But the utter destitution of the people of Scotland, caused by the Darien disaster (and other, very direct English interference), made the union ripe and ready to happen. The once rich could now see a way out if the English agreed to take over the debts – and the royals and other nobility? Well, they were never popular with the majority of the population, who saw the rich only out for themselves. In the Highlands, people’s loyalties were much more direct – to their family and clan. The King (or Queen) always came in second in that popularity contest. The nobles saw only benefits for themselves.
Though there were months and months of hard debate – the actual outcome never seemed in doubt once the discussions began in earnest. It was only the details to be worked out. In the end, the treaty was ratified, (with such safeguards as English troops massed just near the border for a little extra incentive to “do the right thing.”) and the independent Kingdom of Scotland ceased to legally exist. In fact the very first article says that the union of England and Scotland shall a “...forever after, be United into One Kingdom by the Name of Great Britain.”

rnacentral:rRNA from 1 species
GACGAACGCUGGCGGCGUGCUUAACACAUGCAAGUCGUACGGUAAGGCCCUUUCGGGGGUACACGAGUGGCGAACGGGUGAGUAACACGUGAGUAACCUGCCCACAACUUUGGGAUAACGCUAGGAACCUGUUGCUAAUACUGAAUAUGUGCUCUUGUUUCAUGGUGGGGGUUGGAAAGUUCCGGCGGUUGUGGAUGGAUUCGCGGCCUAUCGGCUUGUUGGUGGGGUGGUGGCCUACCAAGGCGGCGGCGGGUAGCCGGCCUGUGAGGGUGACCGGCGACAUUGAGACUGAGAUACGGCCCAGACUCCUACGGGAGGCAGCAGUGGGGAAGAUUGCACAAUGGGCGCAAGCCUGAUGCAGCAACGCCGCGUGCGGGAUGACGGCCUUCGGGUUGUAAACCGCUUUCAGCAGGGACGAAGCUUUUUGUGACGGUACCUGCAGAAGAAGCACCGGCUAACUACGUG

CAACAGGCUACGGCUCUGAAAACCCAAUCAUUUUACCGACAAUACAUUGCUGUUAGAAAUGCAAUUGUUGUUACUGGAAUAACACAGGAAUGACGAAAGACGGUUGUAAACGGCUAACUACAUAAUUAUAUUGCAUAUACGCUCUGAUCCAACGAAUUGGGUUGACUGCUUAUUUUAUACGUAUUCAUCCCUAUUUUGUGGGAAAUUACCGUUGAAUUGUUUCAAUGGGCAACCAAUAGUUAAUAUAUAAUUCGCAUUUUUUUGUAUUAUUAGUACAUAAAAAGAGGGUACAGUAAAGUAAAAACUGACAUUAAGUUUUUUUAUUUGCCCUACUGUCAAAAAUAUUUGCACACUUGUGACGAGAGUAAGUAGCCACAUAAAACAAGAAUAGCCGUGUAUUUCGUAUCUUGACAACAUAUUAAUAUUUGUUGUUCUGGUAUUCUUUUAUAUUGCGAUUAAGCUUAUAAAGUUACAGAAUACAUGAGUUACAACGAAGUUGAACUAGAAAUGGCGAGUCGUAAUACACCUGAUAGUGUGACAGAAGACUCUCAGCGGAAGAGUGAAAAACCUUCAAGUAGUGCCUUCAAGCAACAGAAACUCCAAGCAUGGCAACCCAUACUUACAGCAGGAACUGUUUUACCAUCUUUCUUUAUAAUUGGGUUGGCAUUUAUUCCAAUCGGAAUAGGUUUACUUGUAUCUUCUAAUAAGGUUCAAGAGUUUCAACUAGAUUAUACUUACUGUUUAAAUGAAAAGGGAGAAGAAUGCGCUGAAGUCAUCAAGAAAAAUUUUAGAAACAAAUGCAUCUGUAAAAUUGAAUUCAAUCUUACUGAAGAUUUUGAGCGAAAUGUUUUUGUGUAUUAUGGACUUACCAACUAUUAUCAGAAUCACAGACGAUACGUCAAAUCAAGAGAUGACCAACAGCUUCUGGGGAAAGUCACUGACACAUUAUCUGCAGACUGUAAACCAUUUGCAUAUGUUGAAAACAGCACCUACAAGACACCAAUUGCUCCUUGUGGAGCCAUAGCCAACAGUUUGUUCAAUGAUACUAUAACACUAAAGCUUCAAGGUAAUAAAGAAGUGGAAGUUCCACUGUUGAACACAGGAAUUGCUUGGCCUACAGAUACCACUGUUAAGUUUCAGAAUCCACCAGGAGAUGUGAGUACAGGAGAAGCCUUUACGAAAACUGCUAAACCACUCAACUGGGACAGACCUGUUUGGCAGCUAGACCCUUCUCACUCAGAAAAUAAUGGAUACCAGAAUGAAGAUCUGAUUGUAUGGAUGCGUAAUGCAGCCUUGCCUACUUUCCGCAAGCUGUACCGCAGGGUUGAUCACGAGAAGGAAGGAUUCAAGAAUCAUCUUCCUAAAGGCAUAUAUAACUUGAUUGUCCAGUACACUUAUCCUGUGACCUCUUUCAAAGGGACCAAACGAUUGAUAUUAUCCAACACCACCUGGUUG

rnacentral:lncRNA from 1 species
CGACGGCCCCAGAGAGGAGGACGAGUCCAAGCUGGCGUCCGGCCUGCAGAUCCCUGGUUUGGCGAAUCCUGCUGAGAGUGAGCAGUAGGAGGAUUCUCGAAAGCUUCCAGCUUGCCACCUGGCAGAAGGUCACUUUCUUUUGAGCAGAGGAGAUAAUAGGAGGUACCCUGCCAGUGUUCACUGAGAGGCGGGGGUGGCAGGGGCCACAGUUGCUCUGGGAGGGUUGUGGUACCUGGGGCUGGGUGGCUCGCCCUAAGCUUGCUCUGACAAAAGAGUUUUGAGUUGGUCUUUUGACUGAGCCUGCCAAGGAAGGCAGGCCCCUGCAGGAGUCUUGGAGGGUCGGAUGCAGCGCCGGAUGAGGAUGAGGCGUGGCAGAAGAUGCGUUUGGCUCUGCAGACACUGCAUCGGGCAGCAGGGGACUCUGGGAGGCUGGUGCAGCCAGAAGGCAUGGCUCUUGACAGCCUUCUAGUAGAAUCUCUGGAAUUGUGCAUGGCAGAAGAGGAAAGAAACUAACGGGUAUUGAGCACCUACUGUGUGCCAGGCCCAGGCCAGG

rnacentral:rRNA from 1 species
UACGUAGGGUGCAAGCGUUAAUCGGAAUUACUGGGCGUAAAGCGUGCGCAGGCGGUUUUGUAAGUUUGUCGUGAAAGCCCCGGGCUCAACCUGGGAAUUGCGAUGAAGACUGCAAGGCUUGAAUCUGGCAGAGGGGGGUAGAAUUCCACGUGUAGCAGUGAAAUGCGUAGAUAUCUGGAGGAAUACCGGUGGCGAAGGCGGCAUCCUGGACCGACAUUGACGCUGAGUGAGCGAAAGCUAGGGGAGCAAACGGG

In reality for most of the resultant history, Britain has more often than not been referred to as England. Not by everyone, but enough to certainly confuse the issue. The negotiations also settled the issue of the royal succession – assuring ultimately a Hanoverian legacy, and only a Protestant ruler as well. Leaving out the Stuarts (who often were closet if not in fact, Catholics) all together.
While the nobility and those commercial interests were happy with the arrangement, the people of Scotland were decidedly NOT. There was rioting on a large scale, and it is certain that the vast majority of the common folk were wildly and violently against the union (even the English author Daniel Defoe, acting as an English spy, sent word back that “...not one in a hundred...” was for the union. The common people had no legal say – and could not vote on the matter at hand.
Robert Burns famously wrote decades later his famous piece, “Such a Parcel of Rogues in a Nation”, which was seen as an expression of many of the Scottish people – that their beloved Scotland was “...bought and sold for English gold”.